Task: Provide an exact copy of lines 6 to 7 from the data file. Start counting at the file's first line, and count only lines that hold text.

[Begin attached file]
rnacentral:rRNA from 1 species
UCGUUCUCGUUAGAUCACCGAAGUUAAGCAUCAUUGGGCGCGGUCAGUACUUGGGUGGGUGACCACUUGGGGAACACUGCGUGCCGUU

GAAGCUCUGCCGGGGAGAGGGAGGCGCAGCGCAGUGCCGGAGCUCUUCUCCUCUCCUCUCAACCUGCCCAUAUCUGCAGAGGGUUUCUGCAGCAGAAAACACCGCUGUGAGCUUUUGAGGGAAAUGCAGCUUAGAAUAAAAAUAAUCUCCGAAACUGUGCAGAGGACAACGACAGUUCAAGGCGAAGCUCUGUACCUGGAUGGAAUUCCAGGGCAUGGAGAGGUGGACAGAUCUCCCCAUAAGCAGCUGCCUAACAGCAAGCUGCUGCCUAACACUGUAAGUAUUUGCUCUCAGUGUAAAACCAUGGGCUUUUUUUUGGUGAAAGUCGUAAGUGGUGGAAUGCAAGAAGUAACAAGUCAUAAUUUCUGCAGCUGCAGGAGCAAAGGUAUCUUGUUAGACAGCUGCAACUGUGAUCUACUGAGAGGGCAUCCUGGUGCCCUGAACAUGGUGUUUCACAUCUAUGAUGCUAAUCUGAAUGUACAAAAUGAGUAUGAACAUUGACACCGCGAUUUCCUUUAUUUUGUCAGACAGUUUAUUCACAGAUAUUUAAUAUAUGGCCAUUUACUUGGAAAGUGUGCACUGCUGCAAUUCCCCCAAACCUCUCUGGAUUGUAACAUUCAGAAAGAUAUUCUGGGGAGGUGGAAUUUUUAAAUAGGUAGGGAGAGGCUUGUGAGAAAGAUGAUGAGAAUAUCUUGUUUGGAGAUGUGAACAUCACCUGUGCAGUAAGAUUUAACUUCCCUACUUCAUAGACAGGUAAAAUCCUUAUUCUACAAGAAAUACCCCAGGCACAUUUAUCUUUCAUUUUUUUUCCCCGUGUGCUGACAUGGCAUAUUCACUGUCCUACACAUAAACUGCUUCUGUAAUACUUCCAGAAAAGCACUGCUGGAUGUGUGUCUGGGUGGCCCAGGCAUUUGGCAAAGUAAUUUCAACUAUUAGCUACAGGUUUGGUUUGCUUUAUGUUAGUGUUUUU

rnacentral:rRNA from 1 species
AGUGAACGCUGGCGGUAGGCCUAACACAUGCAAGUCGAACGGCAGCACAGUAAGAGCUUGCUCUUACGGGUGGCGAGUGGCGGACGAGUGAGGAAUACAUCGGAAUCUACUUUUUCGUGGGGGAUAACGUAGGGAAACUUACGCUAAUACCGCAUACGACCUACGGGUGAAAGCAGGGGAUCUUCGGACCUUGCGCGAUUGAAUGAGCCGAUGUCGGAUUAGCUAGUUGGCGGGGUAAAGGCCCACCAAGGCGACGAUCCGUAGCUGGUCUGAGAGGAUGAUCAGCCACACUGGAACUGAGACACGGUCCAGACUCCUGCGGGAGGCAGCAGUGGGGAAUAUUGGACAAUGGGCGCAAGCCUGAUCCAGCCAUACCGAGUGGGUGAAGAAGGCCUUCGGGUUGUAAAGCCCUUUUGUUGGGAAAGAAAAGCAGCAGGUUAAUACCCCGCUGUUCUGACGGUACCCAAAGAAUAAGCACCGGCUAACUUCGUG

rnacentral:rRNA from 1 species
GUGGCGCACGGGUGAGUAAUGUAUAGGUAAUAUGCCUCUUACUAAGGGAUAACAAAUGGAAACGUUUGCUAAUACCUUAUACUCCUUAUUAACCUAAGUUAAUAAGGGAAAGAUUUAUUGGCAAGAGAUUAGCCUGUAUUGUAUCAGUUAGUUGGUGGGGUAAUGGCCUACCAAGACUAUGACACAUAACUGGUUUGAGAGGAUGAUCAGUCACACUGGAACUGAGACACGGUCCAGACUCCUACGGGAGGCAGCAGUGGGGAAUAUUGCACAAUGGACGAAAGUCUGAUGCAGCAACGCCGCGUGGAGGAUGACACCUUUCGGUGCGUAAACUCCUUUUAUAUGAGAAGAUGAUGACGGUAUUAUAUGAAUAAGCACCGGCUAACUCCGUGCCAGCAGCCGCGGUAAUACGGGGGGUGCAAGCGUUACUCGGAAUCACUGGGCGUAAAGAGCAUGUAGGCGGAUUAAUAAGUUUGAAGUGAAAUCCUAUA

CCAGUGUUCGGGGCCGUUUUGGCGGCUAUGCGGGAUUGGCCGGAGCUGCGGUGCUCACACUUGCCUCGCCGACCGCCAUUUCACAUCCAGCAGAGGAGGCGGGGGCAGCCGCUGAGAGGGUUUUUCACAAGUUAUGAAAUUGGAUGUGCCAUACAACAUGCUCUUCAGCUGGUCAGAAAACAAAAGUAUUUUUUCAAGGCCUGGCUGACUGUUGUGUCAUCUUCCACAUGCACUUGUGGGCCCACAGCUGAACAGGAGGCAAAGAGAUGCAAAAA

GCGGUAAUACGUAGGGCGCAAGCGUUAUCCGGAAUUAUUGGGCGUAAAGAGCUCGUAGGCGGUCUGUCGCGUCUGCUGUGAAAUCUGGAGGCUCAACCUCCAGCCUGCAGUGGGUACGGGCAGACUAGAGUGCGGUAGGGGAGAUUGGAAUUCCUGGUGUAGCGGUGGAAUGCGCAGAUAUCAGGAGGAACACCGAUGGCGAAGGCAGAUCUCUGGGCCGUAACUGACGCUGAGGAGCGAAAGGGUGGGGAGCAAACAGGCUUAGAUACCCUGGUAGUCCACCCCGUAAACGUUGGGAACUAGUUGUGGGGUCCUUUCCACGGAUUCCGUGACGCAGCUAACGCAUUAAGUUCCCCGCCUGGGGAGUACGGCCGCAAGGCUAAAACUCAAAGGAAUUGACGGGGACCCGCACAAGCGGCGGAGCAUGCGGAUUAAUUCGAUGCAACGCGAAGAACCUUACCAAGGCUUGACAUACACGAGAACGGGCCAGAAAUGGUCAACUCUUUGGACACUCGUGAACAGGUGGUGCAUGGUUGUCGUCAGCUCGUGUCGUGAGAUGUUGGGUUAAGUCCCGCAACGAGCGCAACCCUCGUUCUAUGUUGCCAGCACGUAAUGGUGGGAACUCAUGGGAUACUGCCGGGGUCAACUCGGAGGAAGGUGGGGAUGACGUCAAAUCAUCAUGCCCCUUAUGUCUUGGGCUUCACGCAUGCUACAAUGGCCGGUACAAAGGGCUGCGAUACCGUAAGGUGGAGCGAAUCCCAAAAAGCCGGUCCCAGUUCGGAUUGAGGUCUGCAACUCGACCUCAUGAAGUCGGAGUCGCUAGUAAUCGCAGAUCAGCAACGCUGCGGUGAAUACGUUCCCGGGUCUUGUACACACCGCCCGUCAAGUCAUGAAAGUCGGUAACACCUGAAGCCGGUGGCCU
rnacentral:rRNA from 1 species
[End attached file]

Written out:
rnacentral:rRNA from 1 species
GUGGCGCACGGGUGAGUAAUGUAUAGGUAAUAUGCCUCUUACUAAGGGAUAACAAAUGGAAACGUUUGCUAAUACCUUAUACUCCUUAUUAACCUAAGUUAAUAAGGGAAAGAUUUAUUGGCAAGAGAUUAGCCUGUAUUGUAUCAGUUAGUUGGUGGGGUAAUGGCCUACCAAGACUAUGACACAUAACUGGUUUGAGAGGAUGAUCAGUCACACUGGAACUGAGACACGGUCCAGACUCCUACGGGAGGCAGCAGUGGGGAAUAUUGCACAAUGGACGAAAGUCUGAUGCAGCAACGCCGCGUGGAGGAUGACACCUUUCGGUGCGUAAACUCCUUUUAUAUGAGAAGAUGAUGACGGUAUUAUAUGAAUAAGCACCGGCUAACUCCGUGCCAGCAGCCGCGGUAAUACGGGGGGUGCAAGCGUUACUCGGAAUCACUGGGCGUAAAGAGCAUGUAGGCGGAUUAAUAAGUUUGAAGUGAAAUCCUAUA